Experimental Tropical Marine Ecology

Day 7: Barrrracuda / Fish n’ Corals
by -- October 15th, 2010

Box jelly - extremely dangerous.

Last night, we were given the rare chance to go snorkeling off the dock at dark. Then, today, we visited a different mangrove forest and coral reef. After lunch, we finished up our weekly experiments in preparation for presentations tomorrow. Our time here is winding down!

Note: Apologies for the late posting of this entry – I was unable to access the pictures until this morning!

I guess this entry starts with last night: snorkeling off the dock at night. This was an optional activity and I chose to stay in, but heard all about it when everyone returned. The consensus seemed to be that there were a horde of barracudas. If you don’t know what a barracuda looks like it’s a long, thin fish that has these eyes that really can stare at you. That’s what they do – stare at you eerily as you swim by. One is creepy enough – now picture a bunch of them. With the limited scope of the lamp they used, fish would only appear in their line of sight once they were extremely close… leaving some people swimming away in fright 🙂

Today we visited a different mangrove forest and snorkeled there, since the waves were too choppy for us to make the 45-minute trek to a different coral reef (it was hard enough sitting on the boat for 15 minutes; I can’t imagine sitting there for that amount of time times three!). This one didn’t have as many Cassiopea jellies, though I did see one with yellow tentacles. The fire sponge stopped me from venturing too far into the forest, as did the jellyfish that were present there…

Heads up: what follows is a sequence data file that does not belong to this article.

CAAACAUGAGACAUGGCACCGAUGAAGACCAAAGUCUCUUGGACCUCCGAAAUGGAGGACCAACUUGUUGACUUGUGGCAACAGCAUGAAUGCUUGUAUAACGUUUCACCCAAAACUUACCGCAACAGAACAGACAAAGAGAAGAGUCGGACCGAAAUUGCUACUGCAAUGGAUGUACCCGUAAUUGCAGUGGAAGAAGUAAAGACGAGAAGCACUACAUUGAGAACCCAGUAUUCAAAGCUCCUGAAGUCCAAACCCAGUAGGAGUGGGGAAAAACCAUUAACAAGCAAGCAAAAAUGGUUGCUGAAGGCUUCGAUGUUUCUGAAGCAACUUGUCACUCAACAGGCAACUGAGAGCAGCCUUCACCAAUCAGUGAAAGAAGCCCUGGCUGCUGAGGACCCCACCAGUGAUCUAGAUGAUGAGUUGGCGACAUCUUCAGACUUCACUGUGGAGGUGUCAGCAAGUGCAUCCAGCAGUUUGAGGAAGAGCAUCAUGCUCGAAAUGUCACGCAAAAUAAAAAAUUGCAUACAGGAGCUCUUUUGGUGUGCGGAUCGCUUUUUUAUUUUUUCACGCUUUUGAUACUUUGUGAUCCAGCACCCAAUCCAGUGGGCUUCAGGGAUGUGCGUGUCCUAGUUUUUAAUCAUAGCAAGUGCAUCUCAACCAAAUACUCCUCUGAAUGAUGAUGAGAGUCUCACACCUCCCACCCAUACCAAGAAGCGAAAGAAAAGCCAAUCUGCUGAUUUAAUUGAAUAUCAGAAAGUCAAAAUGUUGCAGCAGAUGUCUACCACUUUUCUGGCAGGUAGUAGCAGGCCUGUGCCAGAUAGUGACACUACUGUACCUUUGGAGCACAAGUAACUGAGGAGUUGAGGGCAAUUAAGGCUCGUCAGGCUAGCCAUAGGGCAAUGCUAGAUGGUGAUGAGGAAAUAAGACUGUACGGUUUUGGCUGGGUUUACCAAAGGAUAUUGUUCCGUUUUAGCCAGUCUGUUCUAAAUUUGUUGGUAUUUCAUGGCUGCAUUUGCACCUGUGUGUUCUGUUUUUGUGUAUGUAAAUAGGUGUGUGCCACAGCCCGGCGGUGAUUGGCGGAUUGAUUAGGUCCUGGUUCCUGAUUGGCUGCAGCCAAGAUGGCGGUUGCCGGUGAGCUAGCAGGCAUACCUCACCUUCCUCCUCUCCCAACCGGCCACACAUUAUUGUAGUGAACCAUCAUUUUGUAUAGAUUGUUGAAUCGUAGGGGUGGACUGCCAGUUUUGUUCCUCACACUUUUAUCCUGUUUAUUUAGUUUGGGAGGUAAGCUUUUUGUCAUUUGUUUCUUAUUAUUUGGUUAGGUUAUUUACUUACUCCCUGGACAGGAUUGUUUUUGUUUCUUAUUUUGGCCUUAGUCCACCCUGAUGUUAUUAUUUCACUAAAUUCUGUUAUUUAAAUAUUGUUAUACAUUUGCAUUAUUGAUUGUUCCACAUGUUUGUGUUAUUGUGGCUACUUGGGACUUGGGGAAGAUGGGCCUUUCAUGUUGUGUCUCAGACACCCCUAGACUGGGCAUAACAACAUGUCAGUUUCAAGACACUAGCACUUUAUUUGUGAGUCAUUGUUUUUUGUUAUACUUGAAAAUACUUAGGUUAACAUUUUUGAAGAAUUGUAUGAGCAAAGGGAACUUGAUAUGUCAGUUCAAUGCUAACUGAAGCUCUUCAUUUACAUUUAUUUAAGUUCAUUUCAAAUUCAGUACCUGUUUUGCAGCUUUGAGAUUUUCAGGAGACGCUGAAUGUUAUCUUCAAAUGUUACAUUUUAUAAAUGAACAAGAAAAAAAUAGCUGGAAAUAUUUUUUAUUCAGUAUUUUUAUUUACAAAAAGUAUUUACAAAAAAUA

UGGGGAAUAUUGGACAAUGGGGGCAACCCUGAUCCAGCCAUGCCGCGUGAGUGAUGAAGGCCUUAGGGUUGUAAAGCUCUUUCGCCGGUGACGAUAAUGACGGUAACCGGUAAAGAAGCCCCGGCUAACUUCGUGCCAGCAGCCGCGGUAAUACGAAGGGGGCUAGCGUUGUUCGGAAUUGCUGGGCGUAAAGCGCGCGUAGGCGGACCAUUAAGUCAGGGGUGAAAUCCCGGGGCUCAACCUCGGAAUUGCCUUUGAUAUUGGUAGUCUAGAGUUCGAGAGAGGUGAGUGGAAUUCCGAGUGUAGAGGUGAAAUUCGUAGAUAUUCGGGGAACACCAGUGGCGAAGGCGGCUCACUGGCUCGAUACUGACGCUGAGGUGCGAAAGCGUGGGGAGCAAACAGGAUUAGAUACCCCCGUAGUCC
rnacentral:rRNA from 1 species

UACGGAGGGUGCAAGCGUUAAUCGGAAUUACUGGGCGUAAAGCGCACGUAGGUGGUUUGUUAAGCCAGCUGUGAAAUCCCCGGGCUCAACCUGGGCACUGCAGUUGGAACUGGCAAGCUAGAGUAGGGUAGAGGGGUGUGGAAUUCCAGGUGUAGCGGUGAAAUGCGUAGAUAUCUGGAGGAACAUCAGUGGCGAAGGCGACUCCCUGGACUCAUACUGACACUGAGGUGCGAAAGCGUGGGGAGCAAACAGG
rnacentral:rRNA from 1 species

We then went to a completely different coral reef. This one is definitely my favorite coral reef. It had SO many fish – big ones, too! Some traveled in schools, others peeked out from beneath rocks or coral formations. The coral, too, was bigger and more elaborate, since the reef was deeper than others we’ve visited. I saw coral in huge, bulbous formations that had hollow areas for fish to swim through; I also saw what appeared to be a large wok-shaped formation on the bottom. Very cool!

We finished up experiments in lab this afternoon. I worked with some more orientation crabs, then did an experiment dealing with shell fit. We got the hermit crabs out of their shell, weighed them, then tested their volume (of crab and shell). We expect the ones that went towards the small targets (and smelled the dead hermit crabs/went to them) will be “too big for their britches” so to speak. Analysis will be done tomorrow afternoon!

It’s strange to think that we’ll be home in a few days, but it’s true. What an interesting trip this has been.

Pictures from Dr. Forward’s camera:


Some of the organisms found in mangrove roots.

And again!

It’s not uncommon to see tons of fish like this, swimming around rapidly around the mangrove roots.

Dr. Forward said he had never seen a green starfish before, so it’s definitely worth a picture. I didn’t know they existed!

A house near the island where we snorkeled. Notice how rough the waves were – this was a very violent boat ride!

The kind of stuff you see on the bottom of a coral reef.


Brains – not really, but very similar. Fish love them.

A school of yellow fish – this reef was notable for the amount of huge fish it had. Red ones, blue ones, yellow ones – some were quite curious and got close to my face, but others darted away quickly.

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